Short Stay Visas (less than 3 months)

Before making an application for a short stay ‘C’ visa please ensure that you are familiar with the policy that underpins consideration of applications for short stay visas.

Policy for consideration of short stay ‘C’ visas

All applicants for a short stay ‘C’ visa (whether for a single entry or multiple entries) must show that they have sufficiently strong family, social or economic ties to a place of residence in a country other than Ireland to assure the visa officer assessing the application that the projected stay in Ireland will be temporary and in accordance with the duration and conditions of the permission granted by the immigration authorities on arrival in Ireland. The maximum stay allowed under a short stay ‘C’ visa is 90 days.

The responsibility for demonstrating substantial ties to a country other than Ireland rests with you. The burden of proof in all cases is on you to satisfy the visa officer. The visa officer may verify any evidence submitted in support of your application.

There is no right to a visa nor is there one set of documents or circumstances of application that will guarantee the approval of an application. However, the documents normally required in support of an application are set out in the ‘Guide to Supporting Documentation’ for each type of short stay ‘C’ visa.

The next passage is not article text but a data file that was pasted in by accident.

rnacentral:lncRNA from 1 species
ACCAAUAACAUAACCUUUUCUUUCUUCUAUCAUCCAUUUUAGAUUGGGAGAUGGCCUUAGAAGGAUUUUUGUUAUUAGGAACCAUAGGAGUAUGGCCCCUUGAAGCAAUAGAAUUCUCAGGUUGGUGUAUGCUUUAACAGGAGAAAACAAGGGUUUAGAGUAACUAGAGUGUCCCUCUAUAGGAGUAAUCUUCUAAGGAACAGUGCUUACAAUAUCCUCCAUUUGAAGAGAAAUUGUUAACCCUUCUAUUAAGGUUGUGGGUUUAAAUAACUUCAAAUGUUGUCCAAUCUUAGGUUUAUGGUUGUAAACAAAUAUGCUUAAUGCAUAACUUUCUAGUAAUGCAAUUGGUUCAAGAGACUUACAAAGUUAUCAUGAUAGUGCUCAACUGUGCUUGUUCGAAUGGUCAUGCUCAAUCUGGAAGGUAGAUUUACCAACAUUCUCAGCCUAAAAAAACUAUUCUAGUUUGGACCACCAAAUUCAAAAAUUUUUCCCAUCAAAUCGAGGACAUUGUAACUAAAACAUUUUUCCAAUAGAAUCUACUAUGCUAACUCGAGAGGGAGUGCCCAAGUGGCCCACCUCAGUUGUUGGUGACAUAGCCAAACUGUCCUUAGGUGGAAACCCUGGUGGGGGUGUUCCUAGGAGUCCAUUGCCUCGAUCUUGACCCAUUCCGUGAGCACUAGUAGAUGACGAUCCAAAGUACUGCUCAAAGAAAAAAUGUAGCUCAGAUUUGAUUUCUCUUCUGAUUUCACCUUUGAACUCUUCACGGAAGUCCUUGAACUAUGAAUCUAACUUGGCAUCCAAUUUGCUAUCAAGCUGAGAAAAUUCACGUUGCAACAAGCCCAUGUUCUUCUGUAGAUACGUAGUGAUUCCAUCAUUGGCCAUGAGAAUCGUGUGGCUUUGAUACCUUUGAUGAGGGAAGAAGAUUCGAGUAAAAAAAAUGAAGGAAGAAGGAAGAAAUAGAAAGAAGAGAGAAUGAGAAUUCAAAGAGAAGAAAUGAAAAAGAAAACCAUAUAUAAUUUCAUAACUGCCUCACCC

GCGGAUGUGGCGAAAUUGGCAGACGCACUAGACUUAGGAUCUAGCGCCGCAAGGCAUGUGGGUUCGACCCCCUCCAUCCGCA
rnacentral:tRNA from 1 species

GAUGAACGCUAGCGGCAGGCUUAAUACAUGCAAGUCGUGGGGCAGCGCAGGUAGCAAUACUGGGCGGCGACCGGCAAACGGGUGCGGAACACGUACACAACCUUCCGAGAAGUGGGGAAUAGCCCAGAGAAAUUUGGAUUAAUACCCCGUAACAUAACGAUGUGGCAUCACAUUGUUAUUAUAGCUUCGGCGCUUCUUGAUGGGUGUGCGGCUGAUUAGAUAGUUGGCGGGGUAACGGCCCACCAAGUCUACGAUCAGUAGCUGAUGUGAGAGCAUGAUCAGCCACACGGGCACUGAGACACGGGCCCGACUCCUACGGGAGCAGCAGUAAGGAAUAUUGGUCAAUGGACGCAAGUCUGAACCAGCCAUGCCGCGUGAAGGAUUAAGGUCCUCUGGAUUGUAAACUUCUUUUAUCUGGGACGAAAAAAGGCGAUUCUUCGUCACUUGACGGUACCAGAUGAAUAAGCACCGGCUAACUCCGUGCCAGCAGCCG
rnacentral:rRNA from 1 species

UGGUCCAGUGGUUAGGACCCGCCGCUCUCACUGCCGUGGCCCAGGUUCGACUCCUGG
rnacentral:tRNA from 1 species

Assessment criteria

In assessing an application, a visa officer may look at the following issues:

  • that you will leave Ireland at the end of your visit;
  • that you, or relatives or friends in Ireland who are sponsoring your visit, have enough money to support and accommodate you, without you working or accessing public funds;
  • that you have proof of return or onward travel arrangements;
  • that you will not breach the Common Travel Area by seeking to enter the UK via Ireland without a valid UK visa;
  • your immigration history in relation to Ireland, the UK, the Schengen Zone and other countries; and
  • any other issue which the visa officer deems relevant.

History of serious crime/immigration abuses

If you have a history of serious crimes or a history of serious breaches of Irish or UK immigration law these can, of themselves, be reasons for refusal of a visa.

Submission of false/misleading information/documentation

If you submit any false or misleading information, or false supporting documentation as part of your application, it may result in the refusal of your application without the right of appeal. It may also result in you being prevented from making further Irish visa applications for a period of 5 years.

This is the norm in many countries.

Summary

In summary, you will need to show clearly, the following:

  • that you will leave Ireland before your visa/permission to remain expires;
  • that you have sufficient resources to look after yourself while you are here;
  • that you are of good character and have told the truth in your application and have not left out anything important; and
  • that you are not using a visa to Ireland as a way of getting around lawful entry to the UK or the rest of the EU.